Alzheimer Awareness Month
Alzheimer Society campaign tackles stigma of dementia.
Imagine a close friend tells you that she has dementia. Would you avoid her for fear of being embarrassed by what she might say or do?
According to a recent poll by Alzheimer's Disease International, 40 per cent of people living with dementia reported that they had been avoided or treated differently after diagnosis. One in four respondents cited stigma as a reason to conceal their diagnosis.
Despite the rising numbers of Canadians living with dementia, and its most common form, Alzheimer's disease, these conditions are still widely misunderstood.
That’s why the Alzheimer Society has just launched a new campaign, with the slogan: See me, not my disease. Let's talk about dementia, to encourage everyone to see the person beyond the disease.
Anne Harrison is one of the growing numbers who understand what is at stake. Anne at 60 cares for her husband who has Alzheimer’s disease.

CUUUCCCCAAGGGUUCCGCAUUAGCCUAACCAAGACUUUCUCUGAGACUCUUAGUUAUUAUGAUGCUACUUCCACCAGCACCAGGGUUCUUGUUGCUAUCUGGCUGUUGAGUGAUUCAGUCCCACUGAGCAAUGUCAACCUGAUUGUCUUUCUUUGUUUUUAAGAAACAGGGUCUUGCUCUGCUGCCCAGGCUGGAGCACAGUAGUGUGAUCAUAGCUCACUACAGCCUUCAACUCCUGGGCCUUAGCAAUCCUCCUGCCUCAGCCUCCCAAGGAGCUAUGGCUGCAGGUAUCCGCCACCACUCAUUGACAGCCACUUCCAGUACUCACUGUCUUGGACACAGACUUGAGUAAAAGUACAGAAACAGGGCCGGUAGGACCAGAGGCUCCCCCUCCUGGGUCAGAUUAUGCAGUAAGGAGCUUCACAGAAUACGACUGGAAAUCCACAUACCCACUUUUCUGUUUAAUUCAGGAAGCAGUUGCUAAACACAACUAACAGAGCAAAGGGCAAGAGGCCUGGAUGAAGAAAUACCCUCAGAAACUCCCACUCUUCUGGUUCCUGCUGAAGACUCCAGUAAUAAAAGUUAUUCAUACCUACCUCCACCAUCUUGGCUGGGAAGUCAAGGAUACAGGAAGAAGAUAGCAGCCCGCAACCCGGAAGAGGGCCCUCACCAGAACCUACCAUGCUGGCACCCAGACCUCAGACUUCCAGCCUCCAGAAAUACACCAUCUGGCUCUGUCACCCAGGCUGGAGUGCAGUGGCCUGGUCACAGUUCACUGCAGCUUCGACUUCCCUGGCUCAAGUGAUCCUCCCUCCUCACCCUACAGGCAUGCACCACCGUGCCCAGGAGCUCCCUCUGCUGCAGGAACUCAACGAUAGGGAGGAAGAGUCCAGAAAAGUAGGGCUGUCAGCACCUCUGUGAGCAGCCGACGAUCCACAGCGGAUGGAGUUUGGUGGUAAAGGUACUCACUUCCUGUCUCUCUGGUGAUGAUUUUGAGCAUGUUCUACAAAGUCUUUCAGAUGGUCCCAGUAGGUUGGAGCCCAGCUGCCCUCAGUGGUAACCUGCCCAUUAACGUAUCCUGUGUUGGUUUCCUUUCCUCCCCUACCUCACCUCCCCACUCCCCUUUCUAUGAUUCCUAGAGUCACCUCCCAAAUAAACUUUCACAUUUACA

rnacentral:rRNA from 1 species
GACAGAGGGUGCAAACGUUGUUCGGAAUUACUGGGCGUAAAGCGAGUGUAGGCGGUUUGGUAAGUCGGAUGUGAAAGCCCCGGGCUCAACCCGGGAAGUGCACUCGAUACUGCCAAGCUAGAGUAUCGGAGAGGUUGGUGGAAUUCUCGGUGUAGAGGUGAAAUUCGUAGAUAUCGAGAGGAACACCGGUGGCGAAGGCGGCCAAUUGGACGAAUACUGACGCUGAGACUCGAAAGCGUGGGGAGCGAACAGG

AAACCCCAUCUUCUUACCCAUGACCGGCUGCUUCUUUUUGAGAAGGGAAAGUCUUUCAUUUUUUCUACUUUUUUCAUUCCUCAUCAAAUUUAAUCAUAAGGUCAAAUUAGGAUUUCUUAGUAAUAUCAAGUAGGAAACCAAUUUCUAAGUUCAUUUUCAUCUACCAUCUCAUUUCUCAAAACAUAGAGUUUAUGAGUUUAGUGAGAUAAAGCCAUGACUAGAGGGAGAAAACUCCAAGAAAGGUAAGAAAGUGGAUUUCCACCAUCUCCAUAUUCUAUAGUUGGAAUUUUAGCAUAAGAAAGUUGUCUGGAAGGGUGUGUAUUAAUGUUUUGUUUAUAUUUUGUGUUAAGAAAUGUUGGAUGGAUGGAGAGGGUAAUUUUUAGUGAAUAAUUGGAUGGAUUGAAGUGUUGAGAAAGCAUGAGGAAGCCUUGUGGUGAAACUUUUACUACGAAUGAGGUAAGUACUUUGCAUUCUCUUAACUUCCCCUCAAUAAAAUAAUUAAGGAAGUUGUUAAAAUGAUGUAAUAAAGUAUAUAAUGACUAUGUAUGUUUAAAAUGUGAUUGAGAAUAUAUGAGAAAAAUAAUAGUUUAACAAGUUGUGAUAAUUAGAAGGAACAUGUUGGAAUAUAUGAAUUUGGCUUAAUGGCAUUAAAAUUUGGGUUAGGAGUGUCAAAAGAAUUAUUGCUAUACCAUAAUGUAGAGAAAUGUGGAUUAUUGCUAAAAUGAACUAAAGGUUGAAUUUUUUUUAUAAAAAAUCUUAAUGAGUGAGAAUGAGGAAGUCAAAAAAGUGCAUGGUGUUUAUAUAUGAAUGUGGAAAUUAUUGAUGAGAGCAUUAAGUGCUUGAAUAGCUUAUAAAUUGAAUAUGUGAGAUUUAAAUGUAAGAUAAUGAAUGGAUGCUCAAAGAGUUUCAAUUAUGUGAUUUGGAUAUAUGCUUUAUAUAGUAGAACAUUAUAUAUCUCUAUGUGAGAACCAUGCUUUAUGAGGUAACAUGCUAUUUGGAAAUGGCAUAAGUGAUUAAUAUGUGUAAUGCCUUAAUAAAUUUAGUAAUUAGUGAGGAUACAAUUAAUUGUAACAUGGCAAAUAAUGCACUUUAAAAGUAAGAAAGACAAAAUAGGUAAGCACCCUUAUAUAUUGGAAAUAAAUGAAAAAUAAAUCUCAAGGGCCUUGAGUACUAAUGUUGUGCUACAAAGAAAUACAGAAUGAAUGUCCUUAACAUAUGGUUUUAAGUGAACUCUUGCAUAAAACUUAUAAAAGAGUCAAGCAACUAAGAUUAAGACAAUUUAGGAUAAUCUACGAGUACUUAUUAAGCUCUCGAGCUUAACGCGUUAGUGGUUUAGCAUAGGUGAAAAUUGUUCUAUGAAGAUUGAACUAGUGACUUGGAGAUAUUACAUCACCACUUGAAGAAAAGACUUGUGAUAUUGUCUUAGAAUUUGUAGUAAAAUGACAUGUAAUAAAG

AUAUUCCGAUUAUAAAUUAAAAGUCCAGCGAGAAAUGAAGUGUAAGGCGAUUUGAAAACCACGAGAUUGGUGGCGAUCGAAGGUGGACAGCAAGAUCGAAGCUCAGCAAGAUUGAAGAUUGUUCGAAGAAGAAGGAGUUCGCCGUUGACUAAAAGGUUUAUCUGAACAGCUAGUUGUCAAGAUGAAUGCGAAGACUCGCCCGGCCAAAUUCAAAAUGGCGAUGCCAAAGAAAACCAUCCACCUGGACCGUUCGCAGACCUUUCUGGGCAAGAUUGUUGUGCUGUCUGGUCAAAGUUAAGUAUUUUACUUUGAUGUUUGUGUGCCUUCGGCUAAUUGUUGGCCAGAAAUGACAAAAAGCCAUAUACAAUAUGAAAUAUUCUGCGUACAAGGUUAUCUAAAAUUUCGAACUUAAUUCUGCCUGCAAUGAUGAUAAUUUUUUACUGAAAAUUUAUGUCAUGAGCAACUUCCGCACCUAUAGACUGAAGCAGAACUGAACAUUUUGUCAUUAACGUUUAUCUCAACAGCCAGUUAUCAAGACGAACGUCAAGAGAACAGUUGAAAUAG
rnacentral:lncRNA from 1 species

“People aren’t ashamed of cancer. So, why should we be ashamed of Alzheimer’s disease?” she asks.
Indeed, public health experts say that it has never been more important to deal with the stigma surrounding dementia. An estimated 747,000 Canadians now live with it, a number expected to double to 1.4 million in the next 20 years as our population ages.
While dementia can occur in people as young as 40, the risk doubles every five years after age 65.
For more information about our awareness campaign, click here
Available resources for Alzheimer Awareness Month:
Fact Sheets: (courtesy of the Alzheimer Society of Ottawa and Renfrew County)
From the Alzheimer Society of Nova Scotia:
Updates from the Programs and Services Department
Fact Sheet: The Alzheimer Society of Nova Scotia
Media Release: Alzheimer Society campaign tackles stigma of dementia. See me, not my disease. Let's talk about dementia.
Awareness Month Poster
Last Updated: 07/04/13